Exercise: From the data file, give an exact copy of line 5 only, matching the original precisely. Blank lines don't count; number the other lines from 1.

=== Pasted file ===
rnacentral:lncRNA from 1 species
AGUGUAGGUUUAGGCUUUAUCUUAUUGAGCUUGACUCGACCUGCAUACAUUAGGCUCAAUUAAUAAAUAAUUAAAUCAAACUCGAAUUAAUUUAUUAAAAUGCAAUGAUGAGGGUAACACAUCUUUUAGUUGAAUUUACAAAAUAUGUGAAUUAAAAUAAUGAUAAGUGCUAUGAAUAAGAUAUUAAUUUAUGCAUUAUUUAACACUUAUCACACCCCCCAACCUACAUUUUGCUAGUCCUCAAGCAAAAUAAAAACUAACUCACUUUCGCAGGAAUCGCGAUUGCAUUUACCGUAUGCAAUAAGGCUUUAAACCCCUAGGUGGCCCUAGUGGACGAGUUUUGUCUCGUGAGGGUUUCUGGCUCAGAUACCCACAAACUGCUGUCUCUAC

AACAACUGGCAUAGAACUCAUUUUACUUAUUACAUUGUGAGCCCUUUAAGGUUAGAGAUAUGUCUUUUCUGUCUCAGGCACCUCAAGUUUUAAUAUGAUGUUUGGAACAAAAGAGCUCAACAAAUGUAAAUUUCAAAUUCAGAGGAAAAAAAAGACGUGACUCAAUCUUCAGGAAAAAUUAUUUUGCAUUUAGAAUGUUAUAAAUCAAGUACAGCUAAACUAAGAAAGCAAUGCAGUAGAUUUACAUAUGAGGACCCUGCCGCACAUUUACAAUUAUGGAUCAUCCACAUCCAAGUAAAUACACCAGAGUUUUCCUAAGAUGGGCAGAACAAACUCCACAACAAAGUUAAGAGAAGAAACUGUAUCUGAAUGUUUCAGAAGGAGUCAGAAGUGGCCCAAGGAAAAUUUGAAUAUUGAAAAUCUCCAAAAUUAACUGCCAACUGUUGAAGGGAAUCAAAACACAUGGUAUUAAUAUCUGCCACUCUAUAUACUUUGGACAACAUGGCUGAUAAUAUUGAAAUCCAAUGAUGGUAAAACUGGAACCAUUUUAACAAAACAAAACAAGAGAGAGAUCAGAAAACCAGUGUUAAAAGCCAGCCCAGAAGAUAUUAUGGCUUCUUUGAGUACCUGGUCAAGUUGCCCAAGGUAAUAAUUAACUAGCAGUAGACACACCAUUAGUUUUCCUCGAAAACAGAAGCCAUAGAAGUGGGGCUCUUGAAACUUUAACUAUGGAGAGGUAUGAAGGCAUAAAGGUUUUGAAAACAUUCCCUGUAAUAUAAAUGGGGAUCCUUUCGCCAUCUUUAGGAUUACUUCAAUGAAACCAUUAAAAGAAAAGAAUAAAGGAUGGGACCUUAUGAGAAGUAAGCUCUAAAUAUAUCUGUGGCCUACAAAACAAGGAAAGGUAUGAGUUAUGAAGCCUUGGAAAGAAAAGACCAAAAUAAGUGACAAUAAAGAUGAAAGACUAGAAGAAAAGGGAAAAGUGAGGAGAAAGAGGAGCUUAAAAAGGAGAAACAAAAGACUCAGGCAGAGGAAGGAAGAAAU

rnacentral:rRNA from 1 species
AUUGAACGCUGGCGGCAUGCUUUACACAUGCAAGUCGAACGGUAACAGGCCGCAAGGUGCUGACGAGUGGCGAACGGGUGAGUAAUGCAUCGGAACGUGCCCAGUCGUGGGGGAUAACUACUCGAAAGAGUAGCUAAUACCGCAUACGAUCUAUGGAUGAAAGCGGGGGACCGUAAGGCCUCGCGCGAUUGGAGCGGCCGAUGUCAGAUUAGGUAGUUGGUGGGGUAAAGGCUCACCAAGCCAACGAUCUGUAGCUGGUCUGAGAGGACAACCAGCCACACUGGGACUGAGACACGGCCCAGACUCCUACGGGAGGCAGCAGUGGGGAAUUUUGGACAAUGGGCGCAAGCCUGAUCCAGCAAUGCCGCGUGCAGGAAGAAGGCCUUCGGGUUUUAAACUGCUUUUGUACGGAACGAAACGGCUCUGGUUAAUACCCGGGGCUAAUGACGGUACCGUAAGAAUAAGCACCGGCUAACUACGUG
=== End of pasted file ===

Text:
AUUGAACGCUGGCGGCAUGCUUUACACAUGCAAGUCGAACGGUAACAGGCCGCAAGGUGCUGACGAGUGGCGAACGGGUGAGUAAUGCAUCGGAACGUGCCCAGUCGUGGGGGAUAACUACUCGAAAGAGUAGCUAAUACCGCAUACGAUCUAUGGAUGAAAGCGGGGGACCGUAAGGCCUCGCGCGAUUGGAGCGGCCGAUGUCAGAUUAGGUAGUUGGUGGGGUAAAGGCUCACCAAGCCAACGAUCUGUAGCUGGUCUGAGAGGACAACCAGCCACACUGGGACUGAGACACGGCCCAGACUCCUACGGGAGGCAGCAGUGGGGAAUUUUGGACAAUGGGCGCAAGCCUGAUCCAGCAAUGCCGCGUGCAGGAAGAAGGCCUUCGGGUUUUAAACUGCUUUUGUACGGAACGAAACGGCUCUGGUUAAUACCCGGGGCUAAUGACGGUACCGUAAGAAUAAGCACCGGCUAACUACGUG